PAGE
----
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JGM, Solicitor
Category: Scots Law
Satisfied Customers: 12183
Experience:  30 years as a practising solicitor.
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My first wife and I bought our house in joint names in 2004

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my first wife and I bought our house in joint names in 2004 in Scotland. We had 2 grown up children both of whom are married and live close by. my wife died and I later remarried. my first wife and I had made a will and I was sole inheritor of the house. I wish to leave the house to my two children should I die before my second wife, making provision for her to stay in the house with my daughter looking after her, as she is diagnosed with early stages of alzheimers disease.My wife , however, wishes to inherit the house and refuses to accept her diagnosis of alzheimers. she says the law is on her side. Please advise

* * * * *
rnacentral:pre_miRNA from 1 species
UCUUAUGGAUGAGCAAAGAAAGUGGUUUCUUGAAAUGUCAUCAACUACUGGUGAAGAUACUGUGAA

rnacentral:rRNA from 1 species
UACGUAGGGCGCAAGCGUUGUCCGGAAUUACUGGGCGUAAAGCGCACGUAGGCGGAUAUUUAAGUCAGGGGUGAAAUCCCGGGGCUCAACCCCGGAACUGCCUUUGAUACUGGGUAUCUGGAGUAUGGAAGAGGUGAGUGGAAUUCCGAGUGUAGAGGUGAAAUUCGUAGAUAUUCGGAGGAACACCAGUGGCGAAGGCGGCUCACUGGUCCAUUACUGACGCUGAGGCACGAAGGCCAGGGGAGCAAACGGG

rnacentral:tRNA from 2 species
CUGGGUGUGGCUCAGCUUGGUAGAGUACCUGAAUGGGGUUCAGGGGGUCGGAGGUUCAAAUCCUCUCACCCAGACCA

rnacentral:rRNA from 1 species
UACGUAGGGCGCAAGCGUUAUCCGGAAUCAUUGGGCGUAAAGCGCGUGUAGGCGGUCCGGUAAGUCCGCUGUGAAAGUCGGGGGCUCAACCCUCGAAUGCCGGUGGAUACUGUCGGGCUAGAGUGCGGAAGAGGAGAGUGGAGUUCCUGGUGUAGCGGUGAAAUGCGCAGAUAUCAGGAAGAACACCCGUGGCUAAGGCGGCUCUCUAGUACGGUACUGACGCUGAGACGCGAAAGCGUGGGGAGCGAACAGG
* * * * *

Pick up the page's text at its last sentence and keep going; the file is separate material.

Thank you for your question.
The law is on your side. You can leave a house to whoever you want. Your will should leave the house to your children with a liferent provision that your wife can live in the house for her lifetime.
Such a provision in a will is unchallengeable by your wife.
I hope this helps. Please leave a positive response so that I am credited for my time.
Customer: replied 2 years ago.

Please clarify " with a liferent provision....."

A liferent means the person who is granted the liferent has the right to live in the property for life but doesn't own it. The owners are those who are left the house in the will. It's a bit like a life tenancy although rent isn't paid to the owners and there is no landlord/tenant relationship. A liferent is a right to occupy and/or use the fruits of the property.
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